On very good days, I let go of email. On one such day recently, I took time to look up the name of someone who once wrote their name on the flyleaf of a book, long before it came into my keeping. Then I pondered questions and pursued their answers. I wrote. I looked out a window and discovered that a large and placid groundhog shares our plot of land.
It so happened it was the Sabbath. I looked in a book and discovered this poem. I read it, as the calling of a heavenly host of peepers was enveloping my house, while the cold rain of the cold day was still freshening the tender blades of young grass, while a strange and beautiful flowering plant in pink and purple raiment, suddenly present like a burning bush at the top of our unkempt back hillside, was keeping the secret of its name. The poet’s spring, my spring, your spring – we cannot compel them. They come when they come. And often, across the years, they appear in perfect likeness of each other.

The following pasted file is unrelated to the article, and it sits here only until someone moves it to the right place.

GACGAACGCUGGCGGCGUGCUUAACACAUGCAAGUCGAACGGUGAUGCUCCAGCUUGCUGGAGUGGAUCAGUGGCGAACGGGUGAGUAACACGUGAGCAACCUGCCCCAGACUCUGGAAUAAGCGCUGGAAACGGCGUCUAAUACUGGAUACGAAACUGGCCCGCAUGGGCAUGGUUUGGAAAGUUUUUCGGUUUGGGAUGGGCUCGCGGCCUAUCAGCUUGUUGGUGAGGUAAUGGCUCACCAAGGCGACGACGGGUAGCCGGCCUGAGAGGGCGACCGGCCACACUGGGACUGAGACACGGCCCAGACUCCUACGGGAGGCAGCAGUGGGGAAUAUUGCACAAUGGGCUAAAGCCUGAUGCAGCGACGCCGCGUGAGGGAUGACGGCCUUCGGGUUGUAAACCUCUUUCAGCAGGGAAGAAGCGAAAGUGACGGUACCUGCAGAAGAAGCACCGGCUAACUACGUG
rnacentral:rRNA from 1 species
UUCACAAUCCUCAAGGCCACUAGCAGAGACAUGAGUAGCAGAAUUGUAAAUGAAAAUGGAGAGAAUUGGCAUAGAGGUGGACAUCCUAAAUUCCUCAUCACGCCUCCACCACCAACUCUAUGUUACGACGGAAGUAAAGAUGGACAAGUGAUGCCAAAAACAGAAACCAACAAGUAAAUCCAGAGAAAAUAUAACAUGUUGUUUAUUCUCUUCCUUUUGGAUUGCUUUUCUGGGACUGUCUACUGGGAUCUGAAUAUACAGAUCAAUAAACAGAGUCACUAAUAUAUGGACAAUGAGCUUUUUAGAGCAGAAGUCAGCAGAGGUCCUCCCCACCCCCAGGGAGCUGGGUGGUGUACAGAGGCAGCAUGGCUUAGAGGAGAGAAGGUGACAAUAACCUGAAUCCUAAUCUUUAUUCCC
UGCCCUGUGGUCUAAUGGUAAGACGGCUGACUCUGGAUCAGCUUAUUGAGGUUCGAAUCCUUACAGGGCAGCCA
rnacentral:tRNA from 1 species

The First of May
Now the smallest creatures, who do not know they have names
In fields of pure sunshine open themselves and sing.
All over the marshes and in the wet meadows,
Wherever there is water, the companies of peepers
Who cannot count their members, gather with sweet shouting.
And the flowers of the woods who cannot see each other
Appear in perfect likeness of one another
Among the weak new shadows on the mossy places.
Now the smallest creatures, who know themselves by heart,
With all their tender might and roundness of delight
Spending their colors, their myriads and their voices
Praise the moist ground and every winking leaf
And the new sun that smells of the new streams.
– Anne Porter
See you in church,
Rev. Liz Lerner Maclay,
Minister Office Hours: Monday, Tuesday, and Wednesday